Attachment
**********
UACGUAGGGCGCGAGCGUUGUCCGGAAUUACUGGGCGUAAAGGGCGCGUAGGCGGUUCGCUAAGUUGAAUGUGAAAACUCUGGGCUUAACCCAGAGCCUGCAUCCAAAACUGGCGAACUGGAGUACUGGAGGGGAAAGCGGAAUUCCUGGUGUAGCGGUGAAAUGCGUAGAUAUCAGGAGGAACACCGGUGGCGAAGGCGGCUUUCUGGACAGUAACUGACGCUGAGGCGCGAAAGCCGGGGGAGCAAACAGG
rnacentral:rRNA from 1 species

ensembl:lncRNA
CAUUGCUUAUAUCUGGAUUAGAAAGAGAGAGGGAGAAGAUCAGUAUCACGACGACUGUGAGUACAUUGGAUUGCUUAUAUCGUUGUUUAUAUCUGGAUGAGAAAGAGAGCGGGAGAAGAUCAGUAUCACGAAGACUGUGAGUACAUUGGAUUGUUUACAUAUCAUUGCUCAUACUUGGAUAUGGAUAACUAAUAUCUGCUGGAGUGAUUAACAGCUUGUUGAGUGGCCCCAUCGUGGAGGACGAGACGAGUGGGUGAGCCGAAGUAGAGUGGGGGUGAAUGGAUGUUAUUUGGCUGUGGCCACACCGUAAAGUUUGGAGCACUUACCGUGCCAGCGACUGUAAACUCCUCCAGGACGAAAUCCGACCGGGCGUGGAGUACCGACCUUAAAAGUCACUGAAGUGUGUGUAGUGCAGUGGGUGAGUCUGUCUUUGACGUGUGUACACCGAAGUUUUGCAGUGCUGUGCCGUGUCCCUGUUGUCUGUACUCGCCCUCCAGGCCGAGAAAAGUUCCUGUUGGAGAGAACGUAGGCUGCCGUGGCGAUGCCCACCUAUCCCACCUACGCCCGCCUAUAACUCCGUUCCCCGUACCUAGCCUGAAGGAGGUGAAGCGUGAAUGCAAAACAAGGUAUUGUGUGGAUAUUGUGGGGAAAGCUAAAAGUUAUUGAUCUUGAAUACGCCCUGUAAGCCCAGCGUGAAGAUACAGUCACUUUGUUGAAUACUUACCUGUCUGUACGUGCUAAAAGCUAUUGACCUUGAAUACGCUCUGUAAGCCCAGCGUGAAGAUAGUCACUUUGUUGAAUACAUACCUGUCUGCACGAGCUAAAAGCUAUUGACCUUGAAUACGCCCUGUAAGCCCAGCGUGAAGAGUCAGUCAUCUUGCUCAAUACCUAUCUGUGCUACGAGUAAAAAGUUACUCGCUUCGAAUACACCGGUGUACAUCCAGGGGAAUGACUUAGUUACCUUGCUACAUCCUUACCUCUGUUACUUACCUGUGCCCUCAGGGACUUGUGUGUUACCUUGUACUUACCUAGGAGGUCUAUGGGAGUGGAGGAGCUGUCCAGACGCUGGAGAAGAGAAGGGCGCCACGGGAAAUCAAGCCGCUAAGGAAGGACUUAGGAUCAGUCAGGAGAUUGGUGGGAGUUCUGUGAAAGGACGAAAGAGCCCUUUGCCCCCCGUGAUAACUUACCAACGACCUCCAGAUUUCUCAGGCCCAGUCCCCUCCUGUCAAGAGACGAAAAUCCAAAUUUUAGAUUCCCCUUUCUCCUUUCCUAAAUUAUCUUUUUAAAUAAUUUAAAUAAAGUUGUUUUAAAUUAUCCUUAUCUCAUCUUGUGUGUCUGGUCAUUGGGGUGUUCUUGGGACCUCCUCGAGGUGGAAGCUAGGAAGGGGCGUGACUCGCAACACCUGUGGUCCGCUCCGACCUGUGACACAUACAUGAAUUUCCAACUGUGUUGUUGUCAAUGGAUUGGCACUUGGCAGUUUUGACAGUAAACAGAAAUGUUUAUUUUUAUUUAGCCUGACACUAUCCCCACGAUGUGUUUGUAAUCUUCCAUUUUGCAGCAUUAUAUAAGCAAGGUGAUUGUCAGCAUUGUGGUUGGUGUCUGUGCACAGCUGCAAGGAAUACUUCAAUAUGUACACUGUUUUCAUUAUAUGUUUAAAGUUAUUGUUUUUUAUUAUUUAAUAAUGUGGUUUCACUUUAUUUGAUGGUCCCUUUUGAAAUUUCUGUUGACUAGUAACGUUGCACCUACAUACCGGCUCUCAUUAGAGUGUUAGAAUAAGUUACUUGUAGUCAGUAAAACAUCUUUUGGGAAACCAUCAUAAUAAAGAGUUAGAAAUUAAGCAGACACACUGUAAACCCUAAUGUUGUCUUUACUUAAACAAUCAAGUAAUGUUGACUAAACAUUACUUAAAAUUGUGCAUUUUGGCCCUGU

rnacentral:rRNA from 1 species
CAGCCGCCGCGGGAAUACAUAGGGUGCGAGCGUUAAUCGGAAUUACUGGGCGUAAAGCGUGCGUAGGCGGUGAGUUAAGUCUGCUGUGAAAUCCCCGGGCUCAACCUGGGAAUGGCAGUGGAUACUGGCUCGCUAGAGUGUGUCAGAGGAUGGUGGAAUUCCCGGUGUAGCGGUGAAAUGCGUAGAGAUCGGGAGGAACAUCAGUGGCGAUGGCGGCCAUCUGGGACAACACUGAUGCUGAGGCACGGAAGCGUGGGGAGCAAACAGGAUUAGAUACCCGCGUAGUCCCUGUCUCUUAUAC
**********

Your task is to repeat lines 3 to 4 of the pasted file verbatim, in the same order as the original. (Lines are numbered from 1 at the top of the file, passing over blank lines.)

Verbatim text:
ensembl:lncRNA
CAUUGCUUAUAUCUGGAUUAGAAAGAGAGAGGGAGAAGAUCAGUAUCACGACGACUGUGAGUACAUUGGAUUGCUUAUAUCGUUGUUUAUAUCUGGAUGAGAAAGAGAGCGGGAGAAGAUCAGUAUCACGAAGACUGUGAGUACAUUGGAUUGUUUACAUAUCAUUGCUCAUACUUGGAUAUGGAUAACUAAUAUCUGCUGGAGUGAUUAACAGCUUGUUGAGUGGCCCCAUCGUGGAGGACGAGACGAGUGGGUGAGCCGAAGUAGAGUGGGGGUGAAUGGAUGUUAUUUGGCUGUGGCCACACCGUAAAGUUUGGAGCACUUACCGUGCCAGCGACUGUAAACUCCUCCAGGACGAAAUCCGACCGGGCGUGGAGUACCGACCUUAAAAGUCACUGAAGUGUGUGUAGUGCAGUGGGUGAGUCUGUCUUUGACGUGUGUACACCGAAGUUUUGCAGUGCUGUGCCGUGUCCCUGUUGUCUGUACUCGCCCUCCAGGCCGAGAAAAGUUCCUGUUGGAGAGAACGUAGGCUGCCGUGGCGAUGCCCACCUAUCCCACCUACGCCCGCCUAUAACUCCGUUCCCCGUACCUAGCCUGAAGGAGGUGAAGCGUGAAUGCAAAACAAGGUAUUGUGUGGAUAUUGUGGGGAAAGCUAAAAGUUAUUGAUCUUGAAUACGCCCUGUAAGCCCAGCGUGAAGAUACAGUCACUUUGUUGAAUACUUACCUGUCUGUACGUGCUAAAAGCUAUUGACCUUGAAUACGCUCUGUAAGCCCAGCGUGAAGAUAGUCACUUUGUUGAAUACAUACCUGUCUGCACGAGCUAAAAGCUAUUGACCUUGAAUACGCCCUGUAAGCCCAGCGUGAAGAGUCAGUCAUCUUGCUCAAUACCUAUCUGUGCUACGAGUAAAAAGUUACUCGCUUCGAAUACACCGGUGUACAUCCAGGGGAAUGACUUAGUUACCUUGCUACAUCCUUACCUCUGUUACUUACCUGUGCCCUCAGGGACUUGUGUGUUACCUUGUACUUACCUAGGAGGUCUAUGGGAGUGGAGGAGCUGUCCAGACGCUGGAGAAGAGAAGGGCGCCACGGGAAAUCAAGCCGCUAAGGAAGGACUUAGGAUCAGUCAGGAGAUUGGUGGGAGUUCUGUGAAAGGACGAAAGAGCCCUUUGCCCCCCGUGAUAACUUACCAACGACCUCCAGAUUUCUCAGGCCCAGUCCCCUCCUGUCAAGAGACGAAAAUCCAAAUUUUAGAUUCCCCUUUCUCCUUUCCUAAAUUAUCUUUUUAAAUAAUUUAAAUAAAGUUGUUUUAAAUUAUCCUUAUCUCAUCUUGUGUGUCUGGUCAUUGGGGUGUUCUUGGGACCUCCUCGAGGUGGAAGCUAGGAAGGGGCGUGACUCGCAACACCUGUGGUCCGCUCCGACCUGUGACACAUACAUGAAUUUCCAACUGUGUUGUUGUCAAUGGAUUGGCACUUGGCAGUUUUGACAGUAAACAGAAAUGUUUAUUUUUAUUUAGCCUGACACUAUCCCCACGAUGUGUUUGUAAUCUUCCAUUUUGCAGCAUUAUAUAAGCAAGGUGAUUGUCAGCAUUGUGGUUGGUGUCUGUGCACAGCUGCAAGGAAUACUUCAAUAUGUACACUGUUUUCAUUAUAUGUUUAAAGUUAUUGUUUUUUAUUAUUUAAUAAUGUGGUUUCACUUUAUUUGAUGGUCCCUUUUGAAAUUUCUGUUGACUAGUAACGUUGCACCUACAUACCGGCUCUCAUUAGAGUGUUAGAAUAAGUUACUUGUAGUCAGUAAAACAUCUUUUGGGAAACCAUCAUAAUAAAGAGUUAGAAAUUAAGCAGACACACUGUAAACCCUAAUGUUGUCUUUACUUAAACAAUCAAGUAAUGUUGACUAAACAUUACUUAAAAUUGUGCAUUUUGGCCCUGU